After ‘crazy’ loss, Cubs prepare for Nats in possible NLDS sneak peek

At least the Cubs won’t have much time to dwell on the one that got away Thursday against the Diamondbacks at Wrigley Field, a 6½-hour ordeal that featured more than 2½ hours of rain delays, two comebacks by the home team and a career day by catcher Willson Contreras.

All of which amounted to a 10-8 loss by the end of the day and the Cubs’ first series defeat since the All-Star break.

‘‘It was a crazy game; it was like a roller coaster,’’ said Contreras, who drove in a career-high six runs with solo and three-run home runs and a two-run single. ‘‘Tomorrow’s another day.’’

The National League Central-leading Cubs take on the NL East-leading Nationals the next three days in what almost certainly will be a first-round playoff preview. That is, if the Cubs can keep hold of a lead that dipped to 1½ games after the Brewers beat the Cardinals.

After he already had hit two home runs in the game, this single in the seventh by Willson Contreras drove in two runs for a 7-6 Cubs lead.

‘‘I’m sure we’re going to go out there and play like [it’s the] World Series,’’ said Contreras, whose performance took a backseat to that of the Diamondbacks’ Paul Goldschmidt, whose third homer of the game was the go-ahead shot in the ninth. ‘‘It probably will be a playoff matchup. We don’t want to give up against them.’’

It’s a much different Cubs team — and even a different Nationals team — from the time the clubs split a four-game series June 26-29 in Washington.

The Cubs were so banged up that Eddie Butler, Jeimer Candelario and Mark Zagunis all made starts against the Nationals. And Victor Caratini made his major-league debut the same day Miguel Montero was jettisoned for making critical comments about teammate Jake Arrieta’s inability to hold baserunners the night before.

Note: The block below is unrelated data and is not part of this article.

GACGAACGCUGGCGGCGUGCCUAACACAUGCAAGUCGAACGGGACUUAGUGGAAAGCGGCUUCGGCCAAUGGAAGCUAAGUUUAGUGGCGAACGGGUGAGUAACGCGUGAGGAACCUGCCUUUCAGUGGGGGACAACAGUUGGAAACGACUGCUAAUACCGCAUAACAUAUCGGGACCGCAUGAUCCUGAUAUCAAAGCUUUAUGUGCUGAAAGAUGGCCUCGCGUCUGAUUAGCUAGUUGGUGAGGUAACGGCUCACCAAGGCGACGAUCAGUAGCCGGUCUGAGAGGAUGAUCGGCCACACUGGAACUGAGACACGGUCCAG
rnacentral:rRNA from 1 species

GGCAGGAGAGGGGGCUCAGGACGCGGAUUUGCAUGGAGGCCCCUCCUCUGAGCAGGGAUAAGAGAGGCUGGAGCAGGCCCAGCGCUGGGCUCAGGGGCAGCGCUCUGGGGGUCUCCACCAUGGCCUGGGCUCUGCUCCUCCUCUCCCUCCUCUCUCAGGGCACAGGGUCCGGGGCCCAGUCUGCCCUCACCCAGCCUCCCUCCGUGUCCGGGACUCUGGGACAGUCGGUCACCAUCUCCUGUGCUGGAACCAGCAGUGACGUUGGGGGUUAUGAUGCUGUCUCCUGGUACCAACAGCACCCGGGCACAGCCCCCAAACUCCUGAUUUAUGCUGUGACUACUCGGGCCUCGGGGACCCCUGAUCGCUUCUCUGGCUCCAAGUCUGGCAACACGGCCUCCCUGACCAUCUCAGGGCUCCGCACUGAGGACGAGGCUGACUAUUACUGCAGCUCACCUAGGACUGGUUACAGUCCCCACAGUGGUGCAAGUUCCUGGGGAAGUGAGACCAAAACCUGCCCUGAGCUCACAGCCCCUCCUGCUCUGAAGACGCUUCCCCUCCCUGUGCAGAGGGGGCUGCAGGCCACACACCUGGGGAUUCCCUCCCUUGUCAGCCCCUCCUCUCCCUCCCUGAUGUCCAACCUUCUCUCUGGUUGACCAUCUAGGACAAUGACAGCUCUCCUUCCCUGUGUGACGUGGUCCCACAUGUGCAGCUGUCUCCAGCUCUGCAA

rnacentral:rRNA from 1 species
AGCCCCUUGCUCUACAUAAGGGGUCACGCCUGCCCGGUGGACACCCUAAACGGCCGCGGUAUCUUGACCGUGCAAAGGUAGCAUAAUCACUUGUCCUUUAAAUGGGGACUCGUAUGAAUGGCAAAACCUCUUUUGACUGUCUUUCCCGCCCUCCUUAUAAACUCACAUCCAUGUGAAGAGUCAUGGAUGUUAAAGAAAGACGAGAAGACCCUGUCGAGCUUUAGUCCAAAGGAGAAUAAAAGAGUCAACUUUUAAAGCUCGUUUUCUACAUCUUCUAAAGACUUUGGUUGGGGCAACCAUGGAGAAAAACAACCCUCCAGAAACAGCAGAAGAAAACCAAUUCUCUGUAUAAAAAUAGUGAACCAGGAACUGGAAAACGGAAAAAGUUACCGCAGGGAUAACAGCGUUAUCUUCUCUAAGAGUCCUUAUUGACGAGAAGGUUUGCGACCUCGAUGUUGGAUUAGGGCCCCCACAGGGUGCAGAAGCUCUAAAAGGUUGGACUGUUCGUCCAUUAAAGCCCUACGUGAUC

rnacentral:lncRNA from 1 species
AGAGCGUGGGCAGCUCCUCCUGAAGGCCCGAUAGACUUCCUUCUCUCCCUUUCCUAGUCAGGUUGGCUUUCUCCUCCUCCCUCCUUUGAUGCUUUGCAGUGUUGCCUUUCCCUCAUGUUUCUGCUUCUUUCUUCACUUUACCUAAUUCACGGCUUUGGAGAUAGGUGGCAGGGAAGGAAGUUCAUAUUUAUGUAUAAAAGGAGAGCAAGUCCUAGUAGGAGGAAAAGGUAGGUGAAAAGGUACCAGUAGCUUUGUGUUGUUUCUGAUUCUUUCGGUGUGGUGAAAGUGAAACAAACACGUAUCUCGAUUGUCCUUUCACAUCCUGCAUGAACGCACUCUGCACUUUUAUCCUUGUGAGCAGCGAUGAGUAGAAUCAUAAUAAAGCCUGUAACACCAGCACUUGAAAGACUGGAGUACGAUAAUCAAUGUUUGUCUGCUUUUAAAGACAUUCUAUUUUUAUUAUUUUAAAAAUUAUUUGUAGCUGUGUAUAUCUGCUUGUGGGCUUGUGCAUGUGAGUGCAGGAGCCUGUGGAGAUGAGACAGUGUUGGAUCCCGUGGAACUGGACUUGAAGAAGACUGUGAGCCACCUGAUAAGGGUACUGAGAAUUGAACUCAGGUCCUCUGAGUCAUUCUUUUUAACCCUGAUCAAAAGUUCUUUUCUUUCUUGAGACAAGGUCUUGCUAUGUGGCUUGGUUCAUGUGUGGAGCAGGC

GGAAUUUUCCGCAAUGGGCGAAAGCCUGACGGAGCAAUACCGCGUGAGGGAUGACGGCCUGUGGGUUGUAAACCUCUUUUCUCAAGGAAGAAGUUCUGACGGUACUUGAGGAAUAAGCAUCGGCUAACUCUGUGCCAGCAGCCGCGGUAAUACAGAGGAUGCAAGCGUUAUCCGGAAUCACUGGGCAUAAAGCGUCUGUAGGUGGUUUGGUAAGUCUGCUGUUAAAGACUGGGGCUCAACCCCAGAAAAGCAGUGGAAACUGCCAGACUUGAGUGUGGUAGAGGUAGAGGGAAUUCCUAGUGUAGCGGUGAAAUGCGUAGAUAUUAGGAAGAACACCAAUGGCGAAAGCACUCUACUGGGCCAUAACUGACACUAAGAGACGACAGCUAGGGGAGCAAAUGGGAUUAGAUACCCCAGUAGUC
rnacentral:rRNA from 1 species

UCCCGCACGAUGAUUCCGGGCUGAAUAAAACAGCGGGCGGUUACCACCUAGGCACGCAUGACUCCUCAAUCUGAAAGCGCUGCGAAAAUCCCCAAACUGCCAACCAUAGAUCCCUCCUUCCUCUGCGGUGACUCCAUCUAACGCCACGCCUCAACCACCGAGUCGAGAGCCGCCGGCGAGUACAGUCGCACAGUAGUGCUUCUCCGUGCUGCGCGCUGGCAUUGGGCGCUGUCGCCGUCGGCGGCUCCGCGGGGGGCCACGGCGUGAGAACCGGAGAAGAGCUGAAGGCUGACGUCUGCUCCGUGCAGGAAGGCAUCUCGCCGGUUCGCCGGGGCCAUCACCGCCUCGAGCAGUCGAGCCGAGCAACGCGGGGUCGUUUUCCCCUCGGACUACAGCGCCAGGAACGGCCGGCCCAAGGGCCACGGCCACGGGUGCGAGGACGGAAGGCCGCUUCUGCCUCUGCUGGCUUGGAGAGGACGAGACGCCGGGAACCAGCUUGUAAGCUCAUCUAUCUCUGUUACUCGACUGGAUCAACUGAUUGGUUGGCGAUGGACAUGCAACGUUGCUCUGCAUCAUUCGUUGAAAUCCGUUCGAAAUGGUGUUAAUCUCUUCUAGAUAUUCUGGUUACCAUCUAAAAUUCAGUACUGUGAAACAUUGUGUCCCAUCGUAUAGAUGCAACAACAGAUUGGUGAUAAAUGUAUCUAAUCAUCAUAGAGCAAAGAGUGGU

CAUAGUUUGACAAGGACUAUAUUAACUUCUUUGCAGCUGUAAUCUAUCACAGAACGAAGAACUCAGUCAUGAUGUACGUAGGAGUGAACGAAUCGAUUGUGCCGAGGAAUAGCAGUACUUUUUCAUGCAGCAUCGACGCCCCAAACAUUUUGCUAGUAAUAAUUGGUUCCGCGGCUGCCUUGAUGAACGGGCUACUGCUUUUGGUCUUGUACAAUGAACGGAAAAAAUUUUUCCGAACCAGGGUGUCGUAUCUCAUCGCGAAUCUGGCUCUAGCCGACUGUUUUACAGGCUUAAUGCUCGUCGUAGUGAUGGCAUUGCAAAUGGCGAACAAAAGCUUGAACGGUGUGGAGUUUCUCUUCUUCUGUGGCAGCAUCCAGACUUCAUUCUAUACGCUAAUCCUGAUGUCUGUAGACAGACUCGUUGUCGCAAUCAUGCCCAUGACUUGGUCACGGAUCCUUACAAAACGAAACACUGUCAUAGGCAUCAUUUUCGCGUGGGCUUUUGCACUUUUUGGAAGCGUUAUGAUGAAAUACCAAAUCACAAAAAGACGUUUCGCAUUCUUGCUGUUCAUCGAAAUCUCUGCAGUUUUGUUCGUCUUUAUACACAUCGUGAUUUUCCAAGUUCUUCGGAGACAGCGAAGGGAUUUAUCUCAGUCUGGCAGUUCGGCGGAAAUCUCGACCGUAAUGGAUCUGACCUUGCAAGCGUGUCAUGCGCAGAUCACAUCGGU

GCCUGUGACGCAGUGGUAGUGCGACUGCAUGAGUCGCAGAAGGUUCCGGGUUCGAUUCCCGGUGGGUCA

These days, the Cubs are whole again and then some, with recent acquisitions bolstering the rotation, bullpen and catching corps. The
Nationals are the closest thing left on the schedule to a litmus test for the Cubs, who are 14-5 since the break.

‘‘It’ll be interesting to see how we play with the full complement right now,’’ manager Joe Maddon said. ‘‘We’ve been playing, obviously, a lot better. We’ve been pitching a lot better. We’ve been doing a lot of things a lot better.’’

If anything, it’s the Nationals who will bring different players to the series this time around. Ace right-hander Max Scherzer is doubtful for his scheduled start Sunday because of a stiff neck, and left-hander Gio Gonzalez is a wait-and-see proposition for Saturday because his wife is due to give birth this week.

And shortstop/leadoff man Trea Turner, who stole most of the bases against Arrieta that fired up Montero, has been on the disabled list with a broken wrist since reliever Pedro Strop hit him with a pitch in the last game of that series.

It may be October before either team has a true sense of how it matches up against the other. But that doesn’t mean this isn’t the biggest marquee matchup the Cubs have left on their schedule or that it isn’t worth watching for what might be in store when the lights get brighter.

‘‘It’s just a matter of being able to pitch with them,’’ Maddon said.

And with the Dodgers running laps around the rest of the NL, they’re the prohibitive favorites to face the wild-card winner in one Division Series. That leaves the Nationals and Cubs (or Brewers) fighting for position in the other NLDS. The Cubs trail the Nationals by 6½ games for home-field advantage in that series.

‘‘Of course, the Dodgers are out of reach,’’ Maddon said. ‘‘But I think everybody else is in play. It’s going to be interesting to see how we match up against them now.’’

Follow me on Twitter @GDubCub.



So, the Nationals want the Cubs? The Cubs might as well want ’em back

Stay tuned as Cubs monitor August waiver market after productive July